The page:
“Something nailed the lure but missed the hooks! “exclaimed Capt. George Clark Jr. “Did it feel like a grouper?” I asked. My cohort’s reply was an unexpected “Hooked up!” We were trolling big swimming plugs through Key Largo’s Barnes and Card sounds, experimenting with an alternative to the live baiting Clark does here for gag grouper. Within 10 minutes, we discovered that dragging diving plugs is deadly in these waters too.
While my boat continued forward slowly, Clark kept the grouper from powering back to its lair. Minutes later, he lifted a husky gag into the boat. We devoted another hour to trolling, losing all but the head of the next grouper to an aggressive shark, and another when the line parted on the channel edge after we were forced to avoid a collision with a large yacht that totally ignored our small boat. One thing is for sure: This area isn’t boring.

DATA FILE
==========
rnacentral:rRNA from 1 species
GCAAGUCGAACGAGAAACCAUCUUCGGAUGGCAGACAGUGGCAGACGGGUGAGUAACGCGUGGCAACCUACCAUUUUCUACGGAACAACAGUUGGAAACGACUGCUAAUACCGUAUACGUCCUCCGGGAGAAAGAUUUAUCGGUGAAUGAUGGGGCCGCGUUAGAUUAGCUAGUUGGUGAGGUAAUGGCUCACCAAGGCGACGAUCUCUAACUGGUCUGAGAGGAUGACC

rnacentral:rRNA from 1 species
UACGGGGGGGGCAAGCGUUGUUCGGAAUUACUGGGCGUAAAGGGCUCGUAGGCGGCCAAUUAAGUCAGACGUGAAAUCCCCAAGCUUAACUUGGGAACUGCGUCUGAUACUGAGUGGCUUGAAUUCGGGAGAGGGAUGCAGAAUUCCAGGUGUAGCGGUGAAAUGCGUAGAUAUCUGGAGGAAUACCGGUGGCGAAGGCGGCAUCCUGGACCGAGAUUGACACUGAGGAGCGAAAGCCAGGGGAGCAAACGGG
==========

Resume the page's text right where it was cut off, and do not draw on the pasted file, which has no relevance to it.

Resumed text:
Inshore Fishing in Key Largo
I’ve fished with Clark and other notable Key Largo backcountry pros, like Capt. Tony Delos Santos, on several occasions. Both Clark and Delos Santos frequently travel deep into Florida Bay, often to far Gulfside Key Largo fishing spots, yet neither has any trouble bending rods with quality fish around Key Largo proper. Granted, it’s a scenic cruise into the Everglades, but why travel 35 to 50 miles each way when you usually do just as well or better closer to home, with a stop for lunch at Sundowners Key Largo or the famous Alabama Jacks?